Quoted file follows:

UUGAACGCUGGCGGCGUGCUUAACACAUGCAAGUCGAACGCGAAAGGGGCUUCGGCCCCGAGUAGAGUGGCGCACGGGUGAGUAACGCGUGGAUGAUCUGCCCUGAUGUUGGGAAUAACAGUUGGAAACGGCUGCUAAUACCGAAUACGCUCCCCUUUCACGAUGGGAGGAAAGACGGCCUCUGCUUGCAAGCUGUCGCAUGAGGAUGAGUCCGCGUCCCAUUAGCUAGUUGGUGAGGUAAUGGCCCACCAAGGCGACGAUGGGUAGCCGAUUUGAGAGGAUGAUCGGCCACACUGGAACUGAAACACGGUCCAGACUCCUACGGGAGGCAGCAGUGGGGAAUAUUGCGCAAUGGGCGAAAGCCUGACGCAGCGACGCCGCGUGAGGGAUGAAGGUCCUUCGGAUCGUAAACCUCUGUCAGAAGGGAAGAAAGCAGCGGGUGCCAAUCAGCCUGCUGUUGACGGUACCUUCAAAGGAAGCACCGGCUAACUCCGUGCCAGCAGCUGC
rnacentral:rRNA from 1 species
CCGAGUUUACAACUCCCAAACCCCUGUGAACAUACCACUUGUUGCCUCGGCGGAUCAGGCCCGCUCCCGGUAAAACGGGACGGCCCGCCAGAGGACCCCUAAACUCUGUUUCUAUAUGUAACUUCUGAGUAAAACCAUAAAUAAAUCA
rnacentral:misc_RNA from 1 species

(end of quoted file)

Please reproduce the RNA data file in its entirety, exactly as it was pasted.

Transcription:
UUGAACGCUGGCGGCGUGCUUAACACAUGCAAGUCGAACGCGAAAGGGGCUUCGGCCCCGAGUAGAGUGGCGCACGGGUGAGUAACGCGUGGAUGAUCUGCCCUGAUGUUGGGAAUAACAGUUGGAAACGGCUGCUAAUACCGAAUACGCUCCCCUUUCACGAUGGGAGGAAAGACGGCCUCUGCUUGCAAGCUGUCGCAUGAGGAUGAGUCCGCGUCCCAUUAGCUAGUUGGUGAGGUAAUGGCCCACCAAGGCGACGAUGGGUAGCCGAUUUGAGAGGAUGAUCGGCCACACUGGAACUGAAACACGGUCCAGACUCCUACGGGAGGCAGCAGUGGGGAAUAUUGCGCAAUGGGCGAAAGCCUGACGCAGCGACGCCGCGUGAGGGAUGAAGGUCCUUCGGAUCGUAAACCUCUGUCAGAAGGGAAGAAAGCAGCGGGUGCCAAUCAGCCUGCUGUUGACGGUACCUUCAAAGGAAGCACCGGCUAACUCCGUGCCAGCAGCUGC
rnacentral:rRNA from 1 species
CCGAGUUUACAACUCCCAAACCCCUGUGAACAUACCACUUGUUGCCUCGGCGGAUCAGGCCCGCUCCCGGUAAAACGGGACGGCCCGCCAGAGGACCCCUAAACUCUGUUUCUAUAUGUAACUUCUGAGUAAAACCAUAAAUAAAUCA
rnacentral:misc_RNA from 1 species